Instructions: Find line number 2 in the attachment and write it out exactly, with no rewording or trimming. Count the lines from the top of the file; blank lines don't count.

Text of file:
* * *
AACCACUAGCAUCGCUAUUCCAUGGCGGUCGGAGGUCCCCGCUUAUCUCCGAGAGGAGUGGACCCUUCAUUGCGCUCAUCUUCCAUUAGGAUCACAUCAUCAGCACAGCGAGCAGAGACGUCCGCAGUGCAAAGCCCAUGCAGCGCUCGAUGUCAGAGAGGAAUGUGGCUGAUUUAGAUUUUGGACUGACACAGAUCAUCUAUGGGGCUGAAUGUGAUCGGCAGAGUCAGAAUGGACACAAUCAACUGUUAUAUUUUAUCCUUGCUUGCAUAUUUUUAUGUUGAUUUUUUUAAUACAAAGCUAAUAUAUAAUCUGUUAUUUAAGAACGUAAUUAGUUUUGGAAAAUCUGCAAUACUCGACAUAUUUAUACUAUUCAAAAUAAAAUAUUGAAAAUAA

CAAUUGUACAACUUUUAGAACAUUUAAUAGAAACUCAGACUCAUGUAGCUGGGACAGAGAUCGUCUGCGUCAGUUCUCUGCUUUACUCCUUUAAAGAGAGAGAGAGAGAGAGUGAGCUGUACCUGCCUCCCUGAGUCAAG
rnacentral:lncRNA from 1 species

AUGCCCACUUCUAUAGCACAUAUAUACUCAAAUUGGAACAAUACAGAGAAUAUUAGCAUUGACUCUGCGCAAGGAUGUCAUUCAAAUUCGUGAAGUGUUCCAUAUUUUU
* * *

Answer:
CAAUUGUACAACUUUUAGAACAUUUAAUAGAAACUCAGACUCAUGUAGCUGGGACAGAGAUCGUCUGCGUCAGUUCUCUGCUUUACUCCUUUAAAGAGAGAGAGAGAGAGAGUGAGCUGUACCUGCCUCCCUGAGUCAAG